FIG. 1(d) illustrates that after the reverse revolution of the injection screw 2 is stopped, the injection screw 2 is forward moved to the moved-back position, and that the ring valve 3 is further pushed by the material resistance on the metering side back to the valve seat 24 side. This pushing-back causes the rear end of the ring valve 3 to come into contact with the valve seat 24 and closes the valve. Although this valve closing may not be completed owing to the pressure of the material present in a gap between the rear end of the ring valve 3 and the valve seat 24, because of an extremely narrow margin of gap in between, the state of proximity obtained is such as to make it difficult for the metered material to reverse its course.
When the injection screw 2 is forward moved after the halt for injecting the metered material, such material is pushed by pressure and injected from the nozzle 1a, while at the same time a pressure of the material greater than the above-mentioned differential pressure acts upon the front end surface of the ring valve 3. This pressure of the material rises with the forward movement of the injection screw 2 to such an extent that the ring valve 3 makes a pressure contact with the valve seat 24 while the tip of the screw head 21 moves in the stroke L from the position of metering completion to the temporary valve closing position which has been set for the same stroke as the above-mentioned transfer stroke T.
In this way, the reverse revolution of the screw at the moved-back position makes a valve closing stroke due to the forward movement of the injection screw after the reverse revolution equal to the stroke S plus the stroke L. As compared with the conventional method of closing the valve with only the stroke L up to the tentative valve closing position, the present invention secures a long valve closing stroke. Further, inasmuch as the pressure of the material is proportional to the length of the stroke required for valve opening, the ring valve 3 closes the valve with certainty before the temporary valve closing position is reached. Consequently, the dispersion of the injection quantities is reduced to considerably lower levels than before.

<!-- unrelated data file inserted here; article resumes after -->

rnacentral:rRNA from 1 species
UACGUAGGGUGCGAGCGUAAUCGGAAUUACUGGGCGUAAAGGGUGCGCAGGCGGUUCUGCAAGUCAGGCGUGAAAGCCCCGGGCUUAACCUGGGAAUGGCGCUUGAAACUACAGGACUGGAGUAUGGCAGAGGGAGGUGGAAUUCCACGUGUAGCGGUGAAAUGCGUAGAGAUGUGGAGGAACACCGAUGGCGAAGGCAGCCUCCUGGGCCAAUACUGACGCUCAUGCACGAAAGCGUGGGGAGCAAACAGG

Comparative examples are shown in FIGS. 3(a) and 3(b).
No. 1; Injection forward movement from the position of metering completion (conventional normal method);
No. 2; Injection forward movement after reverse revolution at the position of metering completion (conventional reverse revolution method); and
No. 3; Injection forward movement after reverse revolution at the moved-back position (according to the present invention).
Conditions; Strokes L, S, and T in the diagrams are all 4 mm, screw diameter is Φ26, reverse revolution is 1 revolution;
Molding material; polypropylene;
Molded articles; plastic models;
Measuring apparatus; electronic analytical scale (manufactured by Sartorius Co.); and
Molding machine; motor-operated injection molding machine, MM30 M900006 (manufactured by Nissei Plastic Industrial Co., Ltd.).
As will be obviously understood from comparison examples, the present invention (No. 3) produces low levels of weight dispersion of the molded articles, thus contributing to the improvement of molding precision in a greater degree than the conventional method through reverse screw revolutions. It should also be pointed out that since the entire process from moving-back after completion of the metering through reverse revolutions and forward movement of the injection screw to injection can be performed as a series of injection process in the same way as before, no special operation is further required in the implementation of the present invention.